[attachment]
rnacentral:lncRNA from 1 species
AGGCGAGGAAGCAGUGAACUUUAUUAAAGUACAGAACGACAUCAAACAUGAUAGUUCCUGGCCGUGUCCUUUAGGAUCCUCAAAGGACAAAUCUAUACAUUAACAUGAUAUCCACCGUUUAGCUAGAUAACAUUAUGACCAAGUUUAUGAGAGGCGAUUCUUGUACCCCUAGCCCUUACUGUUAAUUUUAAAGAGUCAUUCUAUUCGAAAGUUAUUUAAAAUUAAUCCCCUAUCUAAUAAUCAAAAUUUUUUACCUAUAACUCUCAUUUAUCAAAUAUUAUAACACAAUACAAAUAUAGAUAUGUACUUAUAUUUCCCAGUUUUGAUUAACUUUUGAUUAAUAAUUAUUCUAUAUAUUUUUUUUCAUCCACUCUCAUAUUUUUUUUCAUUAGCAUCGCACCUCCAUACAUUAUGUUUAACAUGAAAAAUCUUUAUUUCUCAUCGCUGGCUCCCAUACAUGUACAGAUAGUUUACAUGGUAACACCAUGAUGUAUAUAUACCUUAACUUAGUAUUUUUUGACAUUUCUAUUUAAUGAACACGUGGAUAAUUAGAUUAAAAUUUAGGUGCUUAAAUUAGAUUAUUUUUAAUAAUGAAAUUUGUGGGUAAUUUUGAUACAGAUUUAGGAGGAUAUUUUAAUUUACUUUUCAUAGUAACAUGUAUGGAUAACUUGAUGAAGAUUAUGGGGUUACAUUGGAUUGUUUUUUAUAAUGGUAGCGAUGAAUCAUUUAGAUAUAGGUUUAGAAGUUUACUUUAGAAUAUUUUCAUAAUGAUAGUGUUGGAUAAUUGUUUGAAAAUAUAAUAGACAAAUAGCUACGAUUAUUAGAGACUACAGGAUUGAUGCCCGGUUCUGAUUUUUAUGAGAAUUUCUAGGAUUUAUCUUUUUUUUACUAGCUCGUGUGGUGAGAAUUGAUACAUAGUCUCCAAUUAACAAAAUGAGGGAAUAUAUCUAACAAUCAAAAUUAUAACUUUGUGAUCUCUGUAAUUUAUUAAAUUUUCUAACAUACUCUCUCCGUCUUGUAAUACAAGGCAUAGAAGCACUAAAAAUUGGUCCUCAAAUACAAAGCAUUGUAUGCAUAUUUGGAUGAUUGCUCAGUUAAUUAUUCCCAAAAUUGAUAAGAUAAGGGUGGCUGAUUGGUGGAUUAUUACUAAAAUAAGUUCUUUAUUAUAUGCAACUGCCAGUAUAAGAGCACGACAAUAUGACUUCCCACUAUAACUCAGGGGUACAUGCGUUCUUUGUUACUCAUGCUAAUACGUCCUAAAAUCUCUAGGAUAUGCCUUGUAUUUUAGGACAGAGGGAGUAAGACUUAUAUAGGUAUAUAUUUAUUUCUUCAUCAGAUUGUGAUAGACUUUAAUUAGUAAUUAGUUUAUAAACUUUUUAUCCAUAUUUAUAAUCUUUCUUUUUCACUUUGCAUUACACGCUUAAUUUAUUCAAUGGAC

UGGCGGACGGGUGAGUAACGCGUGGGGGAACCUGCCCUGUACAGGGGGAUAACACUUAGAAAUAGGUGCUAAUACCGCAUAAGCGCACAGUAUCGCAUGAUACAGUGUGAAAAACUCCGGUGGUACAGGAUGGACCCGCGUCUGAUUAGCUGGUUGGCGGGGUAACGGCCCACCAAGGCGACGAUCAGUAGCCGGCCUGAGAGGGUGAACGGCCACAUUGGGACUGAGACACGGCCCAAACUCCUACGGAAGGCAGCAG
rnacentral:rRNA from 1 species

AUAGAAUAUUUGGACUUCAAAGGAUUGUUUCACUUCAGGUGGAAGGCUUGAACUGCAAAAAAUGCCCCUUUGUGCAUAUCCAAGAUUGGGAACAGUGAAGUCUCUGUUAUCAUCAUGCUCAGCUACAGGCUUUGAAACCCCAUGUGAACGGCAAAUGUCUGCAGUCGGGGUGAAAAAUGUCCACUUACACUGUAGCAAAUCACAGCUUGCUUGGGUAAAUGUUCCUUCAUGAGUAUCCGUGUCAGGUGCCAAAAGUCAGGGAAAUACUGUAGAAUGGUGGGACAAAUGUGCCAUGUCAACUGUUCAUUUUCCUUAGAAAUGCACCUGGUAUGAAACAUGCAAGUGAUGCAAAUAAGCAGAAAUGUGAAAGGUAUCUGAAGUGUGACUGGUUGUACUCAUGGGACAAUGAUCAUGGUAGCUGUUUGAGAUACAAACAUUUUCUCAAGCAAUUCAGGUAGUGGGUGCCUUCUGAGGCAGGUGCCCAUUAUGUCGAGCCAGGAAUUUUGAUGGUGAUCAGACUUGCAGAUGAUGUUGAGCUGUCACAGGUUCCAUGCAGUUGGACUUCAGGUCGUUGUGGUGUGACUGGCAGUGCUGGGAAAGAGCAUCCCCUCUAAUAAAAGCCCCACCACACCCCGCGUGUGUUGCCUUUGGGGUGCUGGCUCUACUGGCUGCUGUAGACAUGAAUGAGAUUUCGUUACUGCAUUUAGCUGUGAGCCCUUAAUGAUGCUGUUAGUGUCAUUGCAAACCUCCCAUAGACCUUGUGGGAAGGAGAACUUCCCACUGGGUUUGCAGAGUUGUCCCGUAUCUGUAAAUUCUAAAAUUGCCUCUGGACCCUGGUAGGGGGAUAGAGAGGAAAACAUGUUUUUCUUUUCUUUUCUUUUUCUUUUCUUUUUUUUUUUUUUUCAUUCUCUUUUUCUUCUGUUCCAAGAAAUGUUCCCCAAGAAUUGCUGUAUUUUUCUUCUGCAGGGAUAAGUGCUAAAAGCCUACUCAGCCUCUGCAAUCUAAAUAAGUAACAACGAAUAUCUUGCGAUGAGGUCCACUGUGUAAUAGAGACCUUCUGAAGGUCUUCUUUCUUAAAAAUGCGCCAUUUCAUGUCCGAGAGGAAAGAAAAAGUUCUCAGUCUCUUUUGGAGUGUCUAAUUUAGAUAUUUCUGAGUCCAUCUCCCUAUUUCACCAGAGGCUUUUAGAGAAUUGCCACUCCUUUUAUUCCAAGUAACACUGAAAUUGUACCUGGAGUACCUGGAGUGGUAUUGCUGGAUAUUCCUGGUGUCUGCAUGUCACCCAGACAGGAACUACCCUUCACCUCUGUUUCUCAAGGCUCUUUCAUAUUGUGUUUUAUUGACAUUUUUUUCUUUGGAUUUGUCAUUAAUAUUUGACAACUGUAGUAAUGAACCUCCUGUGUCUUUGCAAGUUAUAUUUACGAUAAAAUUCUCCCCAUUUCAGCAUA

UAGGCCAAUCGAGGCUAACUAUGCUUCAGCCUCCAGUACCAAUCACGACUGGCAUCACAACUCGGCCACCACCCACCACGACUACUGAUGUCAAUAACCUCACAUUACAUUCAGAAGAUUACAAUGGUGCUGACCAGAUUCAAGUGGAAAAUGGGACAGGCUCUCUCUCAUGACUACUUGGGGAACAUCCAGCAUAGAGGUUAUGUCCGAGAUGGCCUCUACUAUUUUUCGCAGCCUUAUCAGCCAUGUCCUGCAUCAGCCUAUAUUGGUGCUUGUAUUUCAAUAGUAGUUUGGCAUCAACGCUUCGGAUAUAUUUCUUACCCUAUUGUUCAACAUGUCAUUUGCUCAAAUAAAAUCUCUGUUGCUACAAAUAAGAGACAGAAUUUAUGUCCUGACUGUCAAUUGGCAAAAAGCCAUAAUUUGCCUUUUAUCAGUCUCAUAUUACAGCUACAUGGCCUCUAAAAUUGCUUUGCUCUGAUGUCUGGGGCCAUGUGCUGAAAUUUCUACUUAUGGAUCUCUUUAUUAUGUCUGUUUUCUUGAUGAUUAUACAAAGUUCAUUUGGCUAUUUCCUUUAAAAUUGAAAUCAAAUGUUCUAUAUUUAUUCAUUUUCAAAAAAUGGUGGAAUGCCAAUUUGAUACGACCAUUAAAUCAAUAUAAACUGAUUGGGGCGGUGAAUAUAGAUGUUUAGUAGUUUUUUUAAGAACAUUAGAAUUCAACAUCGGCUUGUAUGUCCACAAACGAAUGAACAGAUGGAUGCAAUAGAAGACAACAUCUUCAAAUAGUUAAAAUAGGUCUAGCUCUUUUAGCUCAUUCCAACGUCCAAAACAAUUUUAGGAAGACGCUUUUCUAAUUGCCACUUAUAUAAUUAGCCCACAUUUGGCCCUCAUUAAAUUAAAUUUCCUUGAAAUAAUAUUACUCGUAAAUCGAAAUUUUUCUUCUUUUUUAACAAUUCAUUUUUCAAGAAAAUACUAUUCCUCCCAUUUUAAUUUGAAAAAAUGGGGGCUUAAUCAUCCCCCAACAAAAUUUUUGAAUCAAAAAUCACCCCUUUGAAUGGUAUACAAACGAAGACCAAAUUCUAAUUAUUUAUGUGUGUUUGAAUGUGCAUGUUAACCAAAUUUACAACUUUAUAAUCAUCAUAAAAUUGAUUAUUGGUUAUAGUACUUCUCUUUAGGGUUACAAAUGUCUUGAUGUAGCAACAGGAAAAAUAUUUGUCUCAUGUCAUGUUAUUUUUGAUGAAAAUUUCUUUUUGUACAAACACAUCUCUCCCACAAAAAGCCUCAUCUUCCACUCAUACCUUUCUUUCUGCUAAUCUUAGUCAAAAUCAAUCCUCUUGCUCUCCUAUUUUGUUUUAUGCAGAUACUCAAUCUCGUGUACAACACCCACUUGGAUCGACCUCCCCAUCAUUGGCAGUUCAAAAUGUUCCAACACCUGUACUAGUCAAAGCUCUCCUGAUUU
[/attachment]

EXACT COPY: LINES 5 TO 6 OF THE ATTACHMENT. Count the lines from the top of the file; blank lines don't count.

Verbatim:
AUAGAAUAUUUGGACUUCAAAGGAUUGUUUCACUUCAGGUGGAAGGCUUGAACUGCAAAAAAUGCCCCUUUGUGCAUAUCCAAGAUUGGGAACAGUGAAGUCUCUGUUAUCAUCAUGCUCAGCUACAGGCUUUGAAACCCCAUGUGAACGGCAAAUGUCUGCAGUCGGGGUGAAAAAUGUCCACUUACACUGUAGCAAAUCACAGCUUGCUUGGGUAAAUGUUCCUUCAUGAGUAUCCGUGUCAGGUGCCAAAAGUCAGGGAAAUACUGUAGAAUGGUGGGACAAAUGUGCCAUGUCAACUGUUCAUUUUCCUUAGAAAUGCACCUGGUAUGAAACAUGCAAGUGAUGCAAAUAAGCAGAAAUGUGAAAGGUAUCUGAAGUGUGACUGGUUGUACUCAUGGGACAAUGAUCAUGGUAGCUGUUUGAGAUACAAACAUUUUCUCAAGCAAUUCAGGUAGUGGGUGCCUUCUGAGGCAGGUGCCCAUUAUGUCGAGCCAGGAAUUUUGAUGGUGAUCAGACUUGCAGAUGAUGUUGAGCUGUCACAGGUUCCAUGCAGUUGGACUUCAGGUCGUUGUGGUGUGACUGGCAGUGCUGGGAAAGAGCAUCCCCUCUAAUAAAAGCCCCACCACACCCCGCGUGUGUUGCCUUUGGGGUGCUGGCUCUACUGGCUGCUGUAGACAUGAAUGAGAUUUCGUUACUGCAUUUAGCUGUGAGCCCUUAAUGAUGCUGUUAGUGUCAUUGCAAACCUCCCAUAGACCUUGUGGGAAGGAGAACUUCCCACUGGGUUUGCAGAGUUGUCCCGUAUCUGUAAAUUCUAAAAUUGCCUCUGGACCCUGGUAGGGGGAUAGAGAGGAAAACAUGUUUUUCUUUUCUUUUCUUUUUCUUUUCUUUUUUUUUUUUUUUCAUUCUCUUUUUCUUCUGUUCCAAGAAAUGUUCCCCAAGAAUUGCUGUAUUUUUCUUCUGCAGGGAUAAGUGCUAAAAGCCUACUCAGCCUCUGCAAUCUAAAUAAGUAACAACGAAUAUCUUGCGAUGAGGUCCACUGUGUAAUAGAGACCUUCUGAAGGUCUUCUUUCUUAAAAAUGCGCCAUUUCAUGUCCGAGAGGAAAGAAAAAGUUCUCAGUCUCUUUUGGAGUGUCUAAUUUAGAUAUUUCUGAGUCCAUCUCCCUAUUUCACCAGAGGCUUUUAGAGAAUUGCCACUCCUUUUAUUCCAAGUAACACUGAAAUUGUACCUGGAGUACCUGGAGUGGUAUUGCUGGAUAUUCCUGGUGUCUGCAUGUCACCCAGACAGGAACUACCCUUCACCUCUGUUUCUCAAGGCUCUUUCAUAUUGUGUUUUAUUGACAUUUUUUUCUUUGGAUUUGUCAUUAAUAUUUGACAACUGUAGUAAUGAACCUCCUGUGUCUUUGCAAGUUAUAUUUACGAUAAAAUUCUCCCCAUUUCAGCAUA

UAGGCCAAUCGAGGCUAACUAUGCUUCAGCCUCCAGUACCAAUCACGACUGGCAUCACAACUCGGCCACCACCCACCACGACUACUGAUGUCAAUAACCUCACAUUACAUUCAGAAGAUUACAAUGGUGCUGACCAGAUUCAAGUGGAAAAUGGGACAGGCUCUCUCUCAUGACUACUUGGGGAACAUCCAGCAUAGAGGUUAUGUCCGAGAUGGCCUCUACUAUUUUUCGCAGCCUUAUCAGCCAUGUCCUGCAUCAGCCUAUAUUGGUGCUUGUAUUUCAAUAGUAGUUUGGCAUCAACGCUUCGGAUAUAUUUCUUACCCUAUUGUUCAACAUGUCAUUUGCUCAAAUAAAAUCUCUGUUGCUACAAAUAAGAGACAGAAUUUAUGUCCUGACUGUCAAUUGGCAAAAAGCCAUAAUUUGCCUUUUAUCAGUCUCAUAUUACAGCUACAUGGCCUCUAAAAUUGCUUUGCUCUGAUGUCUGGGGCCAUGUGCUGAAAUUUCUACUUAUGGAUCUCUUUAUUAUGUCUGUUUUCUUGAUGAUUAUACAAAGUUCAUUUGGCUAUUUCCUUUAAAAUUGAAAUCAAAUGUUCUAUAUUUAUUCAUUUUCAAAAAAUGGUGGAAUGCCAAUUUGAUACGACCAUUAAAUCAAUAUAAACUGAUUGGGGCGGUGAAUAUAGAUGUUUAGUAGUUUUUUUAAGAACAUUAGAAUUCAACAUCGGCUUGUAUGUCCACAAACGAAUGAACAGAUGGAUGCAAUAGAAGACAACAUCUUCAAAUAGUUAAAAUAGGUCUAGCUCUUUUAGCUCAUUCCAACGUCCAAAACAAUUUUAGGAAGACGCUUUUCUAAUUGCCACUUAUAUAAUUAGCCCACAUUUGGCCCUCAUUAAAUUAAAUUUCCUUGAAAUAAUAUUACUCGUAAAUCGAAAUUUUUCUUCUUUUUUAACAAUUCAUUUUUCAAGAAAAUACUAUUCCUCCCAUUUUAAUUUGAAAAAAUGGGGGCUUAAUCAUCCCCCAACAAAAUUUUUGAAUCAAAAAUCACCCCUUUGAAUGGUAUACAAACGAAGACCAAAUUCUAAUUAUUUAUGUGUGUUUGAAUGUGCAUGUUAACCAAAUUUACAACUUUAUAAUCAUCAUAAAAUUGAUUAUUGGUUAUAGUACUUCUCUUUAGGGUUACAAAUGUCUUGAUGUAGCAACAGGAAAAAUAUUUGUCUCAUGUCAUGUUAUUUUUGAUGAAAAUUUCUUUUUGUACAAACACAUCUCUCCCACAAAAAGCCUCAUCUUCCACUCAUACCUUUCUUUCUGCUAAUCUUAGUCAAAAUCAAUCCUCUUGCUCUCCUAUUUUGUUUUAUGCAGAUACUCAAUCUCGUGUACAACACCCACUUGGAUCGACCUCCCCAUCAUUGGCAGUUCAAAAUGUUCCAACACCUGUACUAGUCAAAGCUCUCCUGAUUU